A client recently said to me: “I want to grow our business and stop the cash burn – how do we do this? When is it the right time to invest and grow?”
What a tough question to answer. Each business is at a different stage.
We spent a day examining his business and determining what the growing pains were. He had started the business a few years ago and it grew from scratch.
It was generating a great turnover and growing but they never had any cash.
“Why?” he asked.
After reviewing the business financials it was quite clear that the internal systems were not in place. He could not possibly understand the profitability of the products they were selling due to these inadequate systems.
Therefore they could not take the next step.
The first question I asked was: “Where do you want to take this business – what’s your goal? To build up the business and exit down the line, or are you looking to exit now? Or is this business a keeper if we can generate a great RoI?”
The response was: “We don’t know the numbers or where this business could get too as we have no clarity on the numbers”.
Something I see very commonly here in the SME businesses I work with – no clarity around the financials.
Step one for this particular client was to build a reporting framework around their products to determine what was profitable and what as not. If there were non profitable products (or those that deliver little profitability), should we dump them or only include them bundles in the online offering?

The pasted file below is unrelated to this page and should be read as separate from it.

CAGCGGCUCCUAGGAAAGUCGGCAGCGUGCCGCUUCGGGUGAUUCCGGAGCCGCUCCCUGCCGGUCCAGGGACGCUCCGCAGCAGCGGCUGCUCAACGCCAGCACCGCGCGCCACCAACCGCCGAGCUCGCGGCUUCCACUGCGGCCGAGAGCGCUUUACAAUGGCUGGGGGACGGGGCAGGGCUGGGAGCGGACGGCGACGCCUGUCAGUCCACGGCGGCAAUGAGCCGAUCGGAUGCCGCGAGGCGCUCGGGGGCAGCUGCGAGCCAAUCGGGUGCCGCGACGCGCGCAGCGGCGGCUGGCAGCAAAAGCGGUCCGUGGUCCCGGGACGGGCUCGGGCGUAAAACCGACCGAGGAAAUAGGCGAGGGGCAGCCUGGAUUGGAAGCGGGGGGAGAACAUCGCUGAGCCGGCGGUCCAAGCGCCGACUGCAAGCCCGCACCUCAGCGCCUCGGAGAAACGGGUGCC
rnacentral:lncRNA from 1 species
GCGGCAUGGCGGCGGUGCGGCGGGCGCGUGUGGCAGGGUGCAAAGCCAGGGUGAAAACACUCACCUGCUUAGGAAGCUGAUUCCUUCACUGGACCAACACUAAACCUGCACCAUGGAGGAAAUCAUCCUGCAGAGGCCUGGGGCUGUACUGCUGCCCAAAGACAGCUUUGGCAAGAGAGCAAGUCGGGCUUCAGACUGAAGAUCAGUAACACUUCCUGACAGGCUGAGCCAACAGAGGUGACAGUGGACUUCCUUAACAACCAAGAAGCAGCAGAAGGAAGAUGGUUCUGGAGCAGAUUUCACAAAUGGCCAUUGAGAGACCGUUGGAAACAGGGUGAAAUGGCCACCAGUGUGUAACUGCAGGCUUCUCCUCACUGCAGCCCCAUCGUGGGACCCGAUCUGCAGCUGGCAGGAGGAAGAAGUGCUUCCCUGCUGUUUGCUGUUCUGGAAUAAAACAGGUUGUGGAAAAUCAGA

Step two: Build a fully flexible 3-way financial model (P&L, Cash Flow and Balance Sheet) for the next 3 years. Play around with the assumptions, i.e what other products can we put into the offering to customers?
Step three: Monthly reviews against the plan – what worked, what didn’t work and the whys around both.
The right time for a business to grow is when they can balance new customer demand with their internal systems and processes. Moreover, in the instance of this client, increasing recurring revenue streams. Growing faster generally costs more per customer as they need to engage more expensive channels within the business model.
Scalability is about continuing to engage customers with new offerings, and to engage new customers with your offering to the market.
To scale a business one must consider how the business model will affect the bottom line when you expand operations. If you have low capital expenditure and can grow your business with the same revenue / expense % it is much easier to deliver greater numbers in the long term and provide greater options to your customers.
It is early days working with this client but the potential is endless.
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